Signs of Bloat

The first sign that an owner will see is that the pet acts like they need to vomit, but can’t. They can’t vomit because the entrance to the stomach is twisted shut, so nothing can pass back up the esophagus to exit. This often presents to the owner as a large amount of salivation and retching action, but with no production of vomit. These signs present usually within one hour of the stomach twisting. The second sign the owner will see is extreme depression. The dog will be reluctant to move and often stands with a head down position, salivating heavily. This will present within 90 minutes of the stomach twisting. At that point the stomach will start to inflate to a size that will now be noticeable to an observant owner. The abdomen will be distended and hard, and oftentimes the pet will wince when palpated. At this point the owner has precious little time to get the pet to the veterinarian. At one lecture I went to on this condition the surgeon discussing it had done a study of approximately 80 bloats he had seen. By his calculation the dog has an approximately four hour window to get to surgery to have a decent chance at survival. Essentially his point was that after four hours of torsion the dog has a less than 50:50 chance of survival. The diagnosis of bloat on our end is fairly straight forward. I feel a hard structure in the abdomen, take an x-ray, and there is a specific sign we see on the x-ray called the Reverse-C sign in the stomach. (See accompanying x-ray). When that sign is present it’s a 100% confirmed case of GDV, and immediate surgery is indicated.

Surgical Correction of Bloat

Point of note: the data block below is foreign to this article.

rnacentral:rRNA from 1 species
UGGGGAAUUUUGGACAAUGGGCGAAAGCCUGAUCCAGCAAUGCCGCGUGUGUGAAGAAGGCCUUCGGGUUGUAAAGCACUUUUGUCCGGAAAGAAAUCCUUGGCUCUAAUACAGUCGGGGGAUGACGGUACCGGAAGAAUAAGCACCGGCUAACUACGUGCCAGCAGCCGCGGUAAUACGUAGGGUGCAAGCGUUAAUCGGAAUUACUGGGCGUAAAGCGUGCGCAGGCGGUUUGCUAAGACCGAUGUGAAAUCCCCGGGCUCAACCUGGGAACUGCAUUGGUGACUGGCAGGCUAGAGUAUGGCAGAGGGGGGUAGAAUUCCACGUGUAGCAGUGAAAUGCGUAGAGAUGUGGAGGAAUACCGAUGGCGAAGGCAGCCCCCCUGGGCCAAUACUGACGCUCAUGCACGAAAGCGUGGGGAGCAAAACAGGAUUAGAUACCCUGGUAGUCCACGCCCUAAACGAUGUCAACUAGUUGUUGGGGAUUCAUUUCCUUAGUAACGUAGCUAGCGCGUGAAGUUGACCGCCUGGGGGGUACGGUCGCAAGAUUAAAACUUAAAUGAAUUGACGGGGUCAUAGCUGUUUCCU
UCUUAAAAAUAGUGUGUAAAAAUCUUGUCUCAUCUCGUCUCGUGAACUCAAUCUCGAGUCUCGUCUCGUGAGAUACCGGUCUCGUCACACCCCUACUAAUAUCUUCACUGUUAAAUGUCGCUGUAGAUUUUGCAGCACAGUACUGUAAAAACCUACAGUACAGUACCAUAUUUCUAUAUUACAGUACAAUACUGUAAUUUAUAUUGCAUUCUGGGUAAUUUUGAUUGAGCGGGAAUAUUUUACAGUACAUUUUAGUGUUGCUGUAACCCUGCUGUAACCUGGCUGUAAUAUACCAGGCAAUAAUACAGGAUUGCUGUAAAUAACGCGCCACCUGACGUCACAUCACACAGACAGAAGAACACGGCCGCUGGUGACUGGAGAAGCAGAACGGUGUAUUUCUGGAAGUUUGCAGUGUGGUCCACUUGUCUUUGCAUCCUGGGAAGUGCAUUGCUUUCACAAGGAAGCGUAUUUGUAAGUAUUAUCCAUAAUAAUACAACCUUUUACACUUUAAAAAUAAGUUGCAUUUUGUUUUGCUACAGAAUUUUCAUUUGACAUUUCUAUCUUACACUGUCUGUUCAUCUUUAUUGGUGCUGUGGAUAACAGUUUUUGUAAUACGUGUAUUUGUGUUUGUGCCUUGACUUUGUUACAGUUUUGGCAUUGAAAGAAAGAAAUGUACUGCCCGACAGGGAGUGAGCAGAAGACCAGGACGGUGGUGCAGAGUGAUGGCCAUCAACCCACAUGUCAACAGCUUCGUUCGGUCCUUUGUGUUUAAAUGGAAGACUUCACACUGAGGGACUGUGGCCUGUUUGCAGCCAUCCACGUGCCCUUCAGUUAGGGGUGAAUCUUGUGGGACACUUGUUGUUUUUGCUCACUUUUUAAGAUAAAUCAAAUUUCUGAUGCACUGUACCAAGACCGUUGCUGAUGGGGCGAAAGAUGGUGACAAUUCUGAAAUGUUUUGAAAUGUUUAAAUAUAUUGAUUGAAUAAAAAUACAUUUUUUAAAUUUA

The surgery is relatively challenging. The textbook recommends passing a stomach tube to decompress the stomach first, but it’s been my experience in every GDV surgery I’ve done that passing the tube is all but impossible due to the twisted entrance to the stomach, and essentially just wastes time that the dog doesn’t have. So I now always take the dog straight to surgery and decompress the stomach with a large-bore needle once I have the abdomen open. Once the stomach is decompressed I can then de-rotate it and reposition it in its normal position. At that point we pass a stomach tube to further decompress and evacuate gas and gastric contents. Once the stomach is back in place and decompressed the stomach needs to be tacked to the abdominal wall to prevent the condition from recurring. There are many ways to accomplish this, and each surgeon has their preference. I do mine with multiple large-gauge non-absorbable sutures to ensure that the stomach doesn’t release from the wall. In addition to decompressing and de-rotating and tacking the stomach, sometimes other surgical measures need to be taken as well. In many bloats the spleen is involved in the torsion and can suffer severe ischemia (lack of blood flow). When this happens, the spleen must be removed to prevent further post-surgical complications. And in extremely rare instances part of the stomach can also become ischemic. In that case the surgeon has to make a judgment call as to whether to resect the effected part of the stomach. This is a good prognostic indicator that the pet is in extremely critical condition. Post surgery complications can be many, and the pet should be hospitalized for several days after surgery to make sure any complications can be addressed. I always warn my clients that the dog can still die up to 48 hours post-surgery. This arises because of the severe electrolyte and acid-base disturbances that occur during the bloat. This is one of the big reasons why time is so critical in getting the pet to surgery. There are many theories as to what causes bloat in dogs. Many things have been researched, including feeding the dog with an elevated food bowl, or feeding specific diets. However, the latest lecture I attended on bloat presented convincing evidence that the problem is with the dog eating and especially drinking too much at once. Think of a water balloon that’s over distended with water. Picture holding that balloon by the knot and letting it hang, and how that severely strains the neck of the balloon. In dogs there is a ligament that runs from the outflow of the stomach to the abdominal wall, called the gastro-phrenic ligament. When the stomach gets over-distended with water it strains this ligament just like the neck of our water balloon. This allows the stomach to get out of position, and gastric-dilatation-volvulus ensues. So the recommendation for owners with large, deep-chested dogs (e.g. Great Danes, German shepherds, Dobermans, greyhounds, etc) is to feed smaller meals more frequently, don’t allow the pet to gulp down large volumes of water, and do not allow the pet to be exercised or allowed to run for a minimum of one hour after they eat. And most importantly – if you even remotely suspect something’s wrong with the dog’s abdomen – get to the vet immediately.